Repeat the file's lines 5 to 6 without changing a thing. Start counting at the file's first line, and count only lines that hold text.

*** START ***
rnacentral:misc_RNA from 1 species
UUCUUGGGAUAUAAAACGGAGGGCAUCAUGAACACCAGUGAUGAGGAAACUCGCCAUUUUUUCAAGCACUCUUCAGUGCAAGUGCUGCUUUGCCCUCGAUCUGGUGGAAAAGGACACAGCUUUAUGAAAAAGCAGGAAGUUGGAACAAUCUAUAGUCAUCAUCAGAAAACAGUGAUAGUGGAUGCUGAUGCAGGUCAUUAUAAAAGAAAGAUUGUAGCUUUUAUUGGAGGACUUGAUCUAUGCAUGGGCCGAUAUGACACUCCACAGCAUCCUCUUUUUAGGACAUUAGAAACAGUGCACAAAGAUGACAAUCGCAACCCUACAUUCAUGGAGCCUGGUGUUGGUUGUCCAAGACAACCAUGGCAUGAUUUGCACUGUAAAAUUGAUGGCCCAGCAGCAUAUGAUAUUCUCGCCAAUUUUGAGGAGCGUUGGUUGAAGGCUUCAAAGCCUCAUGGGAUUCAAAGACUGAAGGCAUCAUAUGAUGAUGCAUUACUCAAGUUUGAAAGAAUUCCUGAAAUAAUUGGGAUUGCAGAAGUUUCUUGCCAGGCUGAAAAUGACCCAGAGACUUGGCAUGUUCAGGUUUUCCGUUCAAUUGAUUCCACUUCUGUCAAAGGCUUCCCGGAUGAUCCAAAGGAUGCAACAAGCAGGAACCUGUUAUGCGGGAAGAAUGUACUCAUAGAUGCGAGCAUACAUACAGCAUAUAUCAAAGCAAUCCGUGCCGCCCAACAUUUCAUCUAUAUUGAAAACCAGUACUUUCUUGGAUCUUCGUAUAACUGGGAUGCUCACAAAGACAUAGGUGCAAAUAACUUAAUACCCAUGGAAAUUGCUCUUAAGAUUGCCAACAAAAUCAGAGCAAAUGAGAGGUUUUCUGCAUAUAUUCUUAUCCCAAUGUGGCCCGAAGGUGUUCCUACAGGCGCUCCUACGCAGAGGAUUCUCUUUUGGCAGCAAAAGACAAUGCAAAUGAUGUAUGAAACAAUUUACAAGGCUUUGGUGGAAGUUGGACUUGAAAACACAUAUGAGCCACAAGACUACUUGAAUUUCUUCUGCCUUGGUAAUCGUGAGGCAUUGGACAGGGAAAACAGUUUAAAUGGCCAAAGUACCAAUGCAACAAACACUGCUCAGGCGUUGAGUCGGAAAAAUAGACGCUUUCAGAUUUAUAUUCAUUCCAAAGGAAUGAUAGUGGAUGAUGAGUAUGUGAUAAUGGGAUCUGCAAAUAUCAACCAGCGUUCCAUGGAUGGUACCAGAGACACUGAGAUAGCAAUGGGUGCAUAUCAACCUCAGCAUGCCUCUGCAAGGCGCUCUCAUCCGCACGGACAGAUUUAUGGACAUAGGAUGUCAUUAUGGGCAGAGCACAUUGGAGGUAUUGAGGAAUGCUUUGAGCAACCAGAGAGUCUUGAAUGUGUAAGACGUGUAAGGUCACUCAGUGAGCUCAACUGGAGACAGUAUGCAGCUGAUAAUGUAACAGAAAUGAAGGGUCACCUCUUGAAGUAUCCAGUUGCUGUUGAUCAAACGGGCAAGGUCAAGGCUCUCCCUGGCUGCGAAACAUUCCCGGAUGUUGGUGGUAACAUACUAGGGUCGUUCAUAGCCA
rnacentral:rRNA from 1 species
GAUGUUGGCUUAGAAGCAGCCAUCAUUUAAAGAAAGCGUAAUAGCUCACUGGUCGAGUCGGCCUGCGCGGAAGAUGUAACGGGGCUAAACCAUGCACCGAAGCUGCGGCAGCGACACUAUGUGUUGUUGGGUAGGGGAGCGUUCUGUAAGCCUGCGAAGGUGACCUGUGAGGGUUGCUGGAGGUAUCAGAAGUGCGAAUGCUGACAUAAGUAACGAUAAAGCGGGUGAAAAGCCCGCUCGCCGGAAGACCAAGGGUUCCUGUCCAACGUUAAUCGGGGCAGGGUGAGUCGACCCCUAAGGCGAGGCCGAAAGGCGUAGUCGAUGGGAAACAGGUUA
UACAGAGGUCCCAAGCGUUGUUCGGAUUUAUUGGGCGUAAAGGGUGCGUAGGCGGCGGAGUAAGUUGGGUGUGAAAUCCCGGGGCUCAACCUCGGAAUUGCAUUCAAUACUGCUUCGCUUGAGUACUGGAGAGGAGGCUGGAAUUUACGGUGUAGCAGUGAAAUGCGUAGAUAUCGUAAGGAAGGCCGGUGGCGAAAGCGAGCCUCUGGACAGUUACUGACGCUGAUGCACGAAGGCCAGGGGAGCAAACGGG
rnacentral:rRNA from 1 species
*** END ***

UACAGAGGUCCCAAGCGUUGUUCGGAUUUAUUGGGCGUAAAGGGUGCGUAGGCGGCGGAGUAAGUUGGGUGUGAAAUCCCGGGGCUCAACCUCGGAAUUGCAUUCAAUACUGCUUCGCUUGAGUACUGGAGAGGAGGCUGGAAUUUACGGUGUAGCAGUGAAAUGCGUAGAUAUCGUAAGGAAGGCCGGUGGCGAAAGCGAGCCUCUGGACAGUUACUGACGCUGAUGCACGAAGGCCAGGGGAGCAAACGGG
rnacentral:rRNA from 1 species